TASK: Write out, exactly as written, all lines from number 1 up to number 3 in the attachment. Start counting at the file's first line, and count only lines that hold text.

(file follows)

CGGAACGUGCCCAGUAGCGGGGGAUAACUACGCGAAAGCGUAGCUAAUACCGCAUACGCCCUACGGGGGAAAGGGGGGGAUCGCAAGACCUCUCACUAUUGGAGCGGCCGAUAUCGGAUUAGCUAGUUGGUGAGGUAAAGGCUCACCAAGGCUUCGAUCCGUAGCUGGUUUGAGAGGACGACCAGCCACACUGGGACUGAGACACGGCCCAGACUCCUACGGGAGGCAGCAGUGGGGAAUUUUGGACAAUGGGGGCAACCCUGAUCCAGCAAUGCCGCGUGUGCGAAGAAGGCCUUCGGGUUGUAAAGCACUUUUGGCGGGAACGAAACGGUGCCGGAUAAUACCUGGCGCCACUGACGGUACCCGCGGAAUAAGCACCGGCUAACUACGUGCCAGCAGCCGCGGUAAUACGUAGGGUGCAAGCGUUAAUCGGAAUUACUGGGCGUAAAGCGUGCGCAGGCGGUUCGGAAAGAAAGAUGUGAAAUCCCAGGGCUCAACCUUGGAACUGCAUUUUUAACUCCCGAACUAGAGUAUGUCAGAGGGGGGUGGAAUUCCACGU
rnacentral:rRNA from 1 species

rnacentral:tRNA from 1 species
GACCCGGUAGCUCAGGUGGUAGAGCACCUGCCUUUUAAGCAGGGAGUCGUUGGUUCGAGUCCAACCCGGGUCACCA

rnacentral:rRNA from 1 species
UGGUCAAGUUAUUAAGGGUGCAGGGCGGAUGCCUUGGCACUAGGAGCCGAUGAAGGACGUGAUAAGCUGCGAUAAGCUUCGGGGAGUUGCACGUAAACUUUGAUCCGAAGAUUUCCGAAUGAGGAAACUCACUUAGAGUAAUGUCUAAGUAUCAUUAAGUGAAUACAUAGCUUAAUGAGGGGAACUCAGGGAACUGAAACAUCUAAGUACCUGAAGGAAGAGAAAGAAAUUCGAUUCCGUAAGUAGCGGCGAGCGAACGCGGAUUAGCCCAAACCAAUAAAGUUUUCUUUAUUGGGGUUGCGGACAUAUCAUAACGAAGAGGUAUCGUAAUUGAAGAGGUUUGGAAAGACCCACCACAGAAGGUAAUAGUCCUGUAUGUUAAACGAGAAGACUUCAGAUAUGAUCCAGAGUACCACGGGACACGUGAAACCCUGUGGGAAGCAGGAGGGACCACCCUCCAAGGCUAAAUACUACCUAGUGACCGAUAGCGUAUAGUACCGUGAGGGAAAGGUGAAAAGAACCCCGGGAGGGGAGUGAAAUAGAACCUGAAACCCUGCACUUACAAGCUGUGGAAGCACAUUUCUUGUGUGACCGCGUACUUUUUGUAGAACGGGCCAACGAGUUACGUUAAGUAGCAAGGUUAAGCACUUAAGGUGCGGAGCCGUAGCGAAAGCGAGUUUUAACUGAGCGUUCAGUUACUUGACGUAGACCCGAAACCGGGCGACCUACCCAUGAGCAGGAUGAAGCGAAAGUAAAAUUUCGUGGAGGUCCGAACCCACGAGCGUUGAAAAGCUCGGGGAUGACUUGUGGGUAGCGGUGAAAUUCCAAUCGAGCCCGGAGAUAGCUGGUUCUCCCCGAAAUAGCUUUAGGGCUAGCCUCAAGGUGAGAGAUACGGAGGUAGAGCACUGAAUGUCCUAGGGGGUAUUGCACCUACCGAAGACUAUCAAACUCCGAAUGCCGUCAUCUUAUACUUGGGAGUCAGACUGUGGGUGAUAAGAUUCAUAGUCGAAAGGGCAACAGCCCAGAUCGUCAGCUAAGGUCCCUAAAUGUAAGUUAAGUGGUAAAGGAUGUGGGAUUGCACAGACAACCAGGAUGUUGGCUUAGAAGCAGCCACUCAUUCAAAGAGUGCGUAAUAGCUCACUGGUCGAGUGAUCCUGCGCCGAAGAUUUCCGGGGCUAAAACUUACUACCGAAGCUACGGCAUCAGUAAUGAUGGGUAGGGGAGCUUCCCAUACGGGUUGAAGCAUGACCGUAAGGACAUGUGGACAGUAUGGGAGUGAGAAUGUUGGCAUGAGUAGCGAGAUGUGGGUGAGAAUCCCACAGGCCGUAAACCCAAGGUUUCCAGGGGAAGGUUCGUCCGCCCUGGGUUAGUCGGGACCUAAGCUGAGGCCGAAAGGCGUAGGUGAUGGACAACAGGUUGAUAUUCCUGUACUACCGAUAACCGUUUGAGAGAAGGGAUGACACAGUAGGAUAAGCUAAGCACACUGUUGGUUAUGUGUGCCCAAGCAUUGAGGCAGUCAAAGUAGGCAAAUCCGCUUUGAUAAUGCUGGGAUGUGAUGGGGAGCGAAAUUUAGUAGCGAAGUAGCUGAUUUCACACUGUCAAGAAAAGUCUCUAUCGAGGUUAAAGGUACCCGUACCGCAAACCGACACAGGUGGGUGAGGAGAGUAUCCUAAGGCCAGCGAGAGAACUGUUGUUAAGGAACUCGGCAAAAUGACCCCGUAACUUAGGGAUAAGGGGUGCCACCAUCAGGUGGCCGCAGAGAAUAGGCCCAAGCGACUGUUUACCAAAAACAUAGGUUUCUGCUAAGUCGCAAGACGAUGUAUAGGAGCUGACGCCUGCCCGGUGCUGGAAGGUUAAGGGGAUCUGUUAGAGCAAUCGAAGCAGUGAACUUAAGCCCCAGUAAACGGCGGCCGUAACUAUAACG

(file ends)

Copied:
CGGAACGUGCCCAGUAGCGGGGGAUAACUACGCGAAAGCGUAGCUAAUACCGCAUACGCCCUACGGGGGAAAGGGGGGGAUCGCAAGACCUCUCACUAUUGGAGCGGCCGAUAUCGGAUUAGCUAGUUGGUGAGGUAAAGGCUCACCAAGGCUUCGAUCCGUAGCUGGUUUGAGAGGACGACCAGCCACACUGGGACUGAGACACGGCCCAGACUCCUACGGGAGGCAGCAGUGGGGAAUUUUGGACAAUGGGGGCAACCCUGAUCCAGCAAUGCCGCGUGUGCGAAGAAGGCCUUCGGGUUGUAAAGCACUUUUGGCGGGAACGAAACGGUGCCGGAUAAUACCUGGCGCCACUGACGGUACCCGCGGAAUAAGCACCGGCUAACUACGUGCCAGCAGCCGCGGUAAUACGUAGGGUGCAAGCGUUAAUCGGAAUUACUGGGCGUAAAGCGUGCGCAGGCGGUUCGGAAAGAAAGAUGUGAAAUCCCAGGGCUCAACCUUGGAACUGCAUUUUUAACUCCCGAACUAGAGUAUGUCAGAGGGGGGUGGAAUUCCACGU
rnacentral:rRNA from 1 species

rnacentral:tRNA from 1 species